first draft

First Draft: World Building

Where your story takes place is just as important as every other aspect of story telling. Creating a well rounded world helps your reader visualise the story better and it adds another level – hidden depth – to your story.

World building is a lot more than just describing the setting. Here are my tips on what to think about for successful world building:

Landscape

Is your story set on Earth, in space, or a fictional, fantasy world with two suns and a red sky? The reader wants to feel immersed and be able to visual your world.

Laws / Magic Systems

This can include the basic authority hierarchy as in a government system, or the laws of magic and wizardry. You set the limits in your world, and setting limits is extremely important.

For example, JK. Rowling had a wizarding government that created and executed laws so she could keep the use of magic within a realistic, manageable realm with actions and consequences.

Religion

Does religion factor in your story? Do you need to create a new religion for your fictional world? It is always a good idea to think about this, even if you don’t think religion plays a role in your narrative. It may affect other characters or play into the historical side to your world.

History

Is there folk lore or myth in your narrative that dates back in your world’s history? Was there a tyrant King that changed the economy for the worse, or a heroine Queen who saved the people from a dictatorship? Backstory is an important factor in a believable, well rounded world.

Era

Era is more than just stating what decade or century your tale is set in. It is about staying true to the time period in regards to technology, etiquette, and society etc.

Language

A lot of authors struggle when it comes to language, especially if they have to make up a whole new tongue. Knowing your language helps you weave it effortlessly through your narrative without it becoming jarring for the reader.

This topic also follows on from the point above- era. Knowing your era and the language used helps with consistency and realism.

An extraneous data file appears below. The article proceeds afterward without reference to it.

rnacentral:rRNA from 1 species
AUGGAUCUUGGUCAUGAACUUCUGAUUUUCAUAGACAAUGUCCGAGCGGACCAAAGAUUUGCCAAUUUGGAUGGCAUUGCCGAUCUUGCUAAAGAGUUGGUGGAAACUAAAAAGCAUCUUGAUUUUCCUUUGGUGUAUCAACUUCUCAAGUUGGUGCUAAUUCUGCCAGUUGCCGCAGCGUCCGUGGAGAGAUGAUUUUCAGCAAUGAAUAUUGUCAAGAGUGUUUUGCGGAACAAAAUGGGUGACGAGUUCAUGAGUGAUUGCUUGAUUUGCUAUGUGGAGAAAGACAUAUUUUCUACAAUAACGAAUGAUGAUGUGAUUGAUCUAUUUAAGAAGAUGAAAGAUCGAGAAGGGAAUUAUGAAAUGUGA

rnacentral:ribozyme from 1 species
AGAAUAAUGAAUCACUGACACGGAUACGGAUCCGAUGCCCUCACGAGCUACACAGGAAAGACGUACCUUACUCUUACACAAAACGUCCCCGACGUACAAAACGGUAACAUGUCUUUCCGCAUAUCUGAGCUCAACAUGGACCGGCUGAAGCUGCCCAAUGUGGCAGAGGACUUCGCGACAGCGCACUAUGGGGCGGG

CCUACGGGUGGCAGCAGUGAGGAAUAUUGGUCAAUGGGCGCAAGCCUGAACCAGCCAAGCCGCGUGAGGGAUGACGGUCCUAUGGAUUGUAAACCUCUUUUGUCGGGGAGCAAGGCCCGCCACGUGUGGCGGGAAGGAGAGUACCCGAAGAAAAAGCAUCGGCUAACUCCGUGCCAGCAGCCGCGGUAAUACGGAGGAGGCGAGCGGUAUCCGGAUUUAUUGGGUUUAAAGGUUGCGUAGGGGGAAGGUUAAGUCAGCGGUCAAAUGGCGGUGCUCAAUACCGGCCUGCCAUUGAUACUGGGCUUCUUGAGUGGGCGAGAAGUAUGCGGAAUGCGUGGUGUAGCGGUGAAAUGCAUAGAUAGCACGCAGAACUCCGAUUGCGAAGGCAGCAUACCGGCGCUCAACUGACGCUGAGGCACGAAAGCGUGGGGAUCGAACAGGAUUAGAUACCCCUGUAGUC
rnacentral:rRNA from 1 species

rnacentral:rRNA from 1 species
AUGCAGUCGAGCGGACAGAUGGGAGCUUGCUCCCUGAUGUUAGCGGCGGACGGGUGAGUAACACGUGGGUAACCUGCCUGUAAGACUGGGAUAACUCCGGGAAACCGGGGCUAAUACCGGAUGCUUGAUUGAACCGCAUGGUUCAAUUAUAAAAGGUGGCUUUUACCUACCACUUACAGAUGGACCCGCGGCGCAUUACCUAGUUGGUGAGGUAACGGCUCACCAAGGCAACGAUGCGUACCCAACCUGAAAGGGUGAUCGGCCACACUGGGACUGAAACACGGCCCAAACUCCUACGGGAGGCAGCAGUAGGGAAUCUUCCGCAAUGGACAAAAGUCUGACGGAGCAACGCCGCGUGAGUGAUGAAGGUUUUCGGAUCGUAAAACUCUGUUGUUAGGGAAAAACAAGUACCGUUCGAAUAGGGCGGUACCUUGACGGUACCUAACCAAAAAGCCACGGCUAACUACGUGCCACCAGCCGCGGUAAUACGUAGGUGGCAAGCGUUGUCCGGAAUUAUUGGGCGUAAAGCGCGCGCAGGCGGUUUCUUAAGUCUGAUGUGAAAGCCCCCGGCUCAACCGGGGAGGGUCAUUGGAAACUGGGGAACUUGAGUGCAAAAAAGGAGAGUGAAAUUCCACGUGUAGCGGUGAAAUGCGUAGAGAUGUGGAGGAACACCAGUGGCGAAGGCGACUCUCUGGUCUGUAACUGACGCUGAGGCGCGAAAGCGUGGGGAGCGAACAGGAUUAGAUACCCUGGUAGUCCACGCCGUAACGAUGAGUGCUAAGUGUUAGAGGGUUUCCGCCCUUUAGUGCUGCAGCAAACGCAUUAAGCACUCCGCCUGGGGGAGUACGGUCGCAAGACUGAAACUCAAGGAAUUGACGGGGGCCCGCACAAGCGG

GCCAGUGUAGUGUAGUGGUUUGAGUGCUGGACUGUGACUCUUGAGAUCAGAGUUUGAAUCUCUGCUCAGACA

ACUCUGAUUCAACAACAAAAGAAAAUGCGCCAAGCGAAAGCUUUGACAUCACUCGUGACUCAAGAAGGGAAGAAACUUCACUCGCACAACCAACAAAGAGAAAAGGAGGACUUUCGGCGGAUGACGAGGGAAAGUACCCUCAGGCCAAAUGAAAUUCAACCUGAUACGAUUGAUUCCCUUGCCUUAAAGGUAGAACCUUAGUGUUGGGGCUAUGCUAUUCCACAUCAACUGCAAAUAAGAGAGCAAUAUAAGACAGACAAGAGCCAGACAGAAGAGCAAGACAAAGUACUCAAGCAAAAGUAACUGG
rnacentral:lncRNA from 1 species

I hope these points have given you some food for thought. As you can tell, they all link into each other, and that is exactly what you want in your world: consistency continuity, and believability.


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first draft

First Draft: Point of View and Tense

Thanks for joining me for another instalment of my First Draft series. This instalment is all about point of view (POV) and tense.

What is POV?

The point of view refers to the narrator. Who is telling the story?

3 Types of POV

First person: The narrator is telling you their own story. ‘The room was just how I had left it.’

Second person: The narrator is telling the story to another character or the reader using the word ‘you’. ‘You enter the room and see nothing has changed.’

Third person: The narrator tells the story of another, as an outsider. ‘The room was just how he had left it.’

I like to write in first person. All my books are in qfirst person. In Thrown to The Blue, I have 2 POVs, both in first person. That was a lot of fun to write.

What is tense?

Narrative tense is when your story is happening/ or has happened. Past or present.

Types of Tense

Past tense: You are telling the story as if it has already happened. ‘I jumped in the car and sped off.’

Present tense: You are telling the story as if it is happening right now. ‘I jump in the car and speed off.’

You will find that there are preferred POVs in regards to tenses. Third person past tense is preferred by many writers. I write in first person present tense. I find the intimacy of first person blends with the immediacy of present tense, the same way the unlimited view point of third person works well with the flexibility of past tense.


There is no right or wrong when choosing POV and tense, as long as you are consistent in your choice throughout.